Companies around the world have been carefully interpreting how the continued influx of new generic top-level domains (gTLDs) may affect their respective online presence. According to the latest research from digital branding specialists at Melbourne IT DBS, larger firms should be careful not to let their trademark management strategies wander too far from traditional .com domains, however.
After reviewing the data made available by the World Intellectual Property Organization (WIPO), researchers found that nearly 3,500 .com domains had to be recovered from cybersquatters in 2012. That figure is approximately three times as much as all other domain formats combined.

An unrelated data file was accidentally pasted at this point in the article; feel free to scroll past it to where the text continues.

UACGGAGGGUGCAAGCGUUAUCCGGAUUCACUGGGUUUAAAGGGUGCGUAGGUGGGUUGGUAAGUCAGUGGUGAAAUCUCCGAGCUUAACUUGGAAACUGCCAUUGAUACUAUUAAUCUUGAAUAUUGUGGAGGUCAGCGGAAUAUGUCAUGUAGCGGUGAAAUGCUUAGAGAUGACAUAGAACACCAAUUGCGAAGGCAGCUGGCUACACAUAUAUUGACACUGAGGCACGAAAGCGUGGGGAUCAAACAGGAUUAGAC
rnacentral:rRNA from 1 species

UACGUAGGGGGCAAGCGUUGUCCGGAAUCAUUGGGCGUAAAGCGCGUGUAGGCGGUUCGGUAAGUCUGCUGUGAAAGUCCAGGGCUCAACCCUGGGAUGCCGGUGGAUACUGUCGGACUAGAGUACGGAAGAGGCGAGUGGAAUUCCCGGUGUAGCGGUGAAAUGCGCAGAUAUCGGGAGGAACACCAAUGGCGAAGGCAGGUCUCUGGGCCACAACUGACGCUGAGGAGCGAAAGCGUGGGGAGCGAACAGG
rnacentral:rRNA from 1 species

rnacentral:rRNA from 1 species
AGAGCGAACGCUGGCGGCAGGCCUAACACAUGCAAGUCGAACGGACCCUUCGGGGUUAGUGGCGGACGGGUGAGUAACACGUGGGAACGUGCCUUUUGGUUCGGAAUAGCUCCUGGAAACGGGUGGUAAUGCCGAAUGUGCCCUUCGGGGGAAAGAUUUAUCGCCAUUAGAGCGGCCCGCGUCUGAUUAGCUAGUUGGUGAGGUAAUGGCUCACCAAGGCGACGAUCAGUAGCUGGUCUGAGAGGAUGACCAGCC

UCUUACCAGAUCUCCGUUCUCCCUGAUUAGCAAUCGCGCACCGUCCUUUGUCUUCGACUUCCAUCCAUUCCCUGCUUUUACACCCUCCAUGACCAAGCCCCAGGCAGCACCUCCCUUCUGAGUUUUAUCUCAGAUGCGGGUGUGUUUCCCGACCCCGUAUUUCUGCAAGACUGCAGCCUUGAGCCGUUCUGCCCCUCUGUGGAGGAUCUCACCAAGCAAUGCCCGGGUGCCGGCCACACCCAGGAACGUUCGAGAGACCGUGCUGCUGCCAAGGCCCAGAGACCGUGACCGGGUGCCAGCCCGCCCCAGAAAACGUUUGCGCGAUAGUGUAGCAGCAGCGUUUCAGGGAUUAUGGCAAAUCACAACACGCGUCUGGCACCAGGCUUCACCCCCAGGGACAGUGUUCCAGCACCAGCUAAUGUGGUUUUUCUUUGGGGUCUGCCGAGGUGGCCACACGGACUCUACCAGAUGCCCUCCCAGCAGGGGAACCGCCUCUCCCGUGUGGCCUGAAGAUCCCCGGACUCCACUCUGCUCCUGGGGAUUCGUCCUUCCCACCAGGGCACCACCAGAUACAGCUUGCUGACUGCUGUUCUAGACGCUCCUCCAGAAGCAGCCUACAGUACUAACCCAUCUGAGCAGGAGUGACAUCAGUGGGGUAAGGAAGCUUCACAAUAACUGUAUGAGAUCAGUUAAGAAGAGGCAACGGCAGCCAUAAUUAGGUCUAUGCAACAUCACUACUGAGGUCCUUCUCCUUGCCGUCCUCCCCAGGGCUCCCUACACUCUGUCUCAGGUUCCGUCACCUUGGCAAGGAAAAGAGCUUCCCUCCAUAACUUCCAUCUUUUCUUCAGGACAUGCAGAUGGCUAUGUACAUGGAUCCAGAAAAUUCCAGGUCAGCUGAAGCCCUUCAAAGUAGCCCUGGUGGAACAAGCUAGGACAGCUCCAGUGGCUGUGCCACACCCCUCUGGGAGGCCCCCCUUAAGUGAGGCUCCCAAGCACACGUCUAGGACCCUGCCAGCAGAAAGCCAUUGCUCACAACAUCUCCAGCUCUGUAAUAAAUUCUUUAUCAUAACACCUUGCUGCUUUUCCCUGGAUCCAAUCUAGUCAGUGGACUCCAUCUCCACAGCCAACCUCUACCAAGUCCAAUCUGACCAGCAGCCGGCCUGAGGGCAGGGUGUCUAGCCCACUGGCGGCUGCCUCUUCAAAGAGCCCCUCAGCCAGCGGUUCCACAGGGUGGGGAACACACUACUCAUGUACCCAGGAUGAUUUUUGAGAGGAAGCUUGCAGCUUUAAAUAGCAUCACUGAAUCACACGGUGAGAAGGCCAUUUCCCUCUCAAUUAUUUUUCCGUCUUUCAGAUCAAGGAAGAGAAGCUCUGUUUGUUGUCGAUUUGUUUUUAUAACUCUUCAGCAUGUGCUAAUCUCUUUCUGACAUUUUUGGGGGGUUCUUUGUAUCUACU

"Some will be quick to point out that 16 cases (involving .xxx domains) show the fears are just hype, but that ignores the fact that around 80,000 trademarks were registered in .xxx to protect brands before the gTLD even went live," said Melbourne IT DBS executive vice president Martin Burke. "What is more compelling is that .com accounts for 68 percent of WIPO domain disputes, and in our view that percentage is likely to remain high once the new gTLDs arrive, meaning the biggest problem for brands is actually one they are already having to deal with."
While corporate trademark management teams must remain diligent, there are at least a few marketplace protections already working in their favor. According to Reuters, cybersquatters may be deterred by the relative of expense of registration, as well as the fact that only a portion of their initial application fee will be refunded if authorities ultimately revoke their domain claim.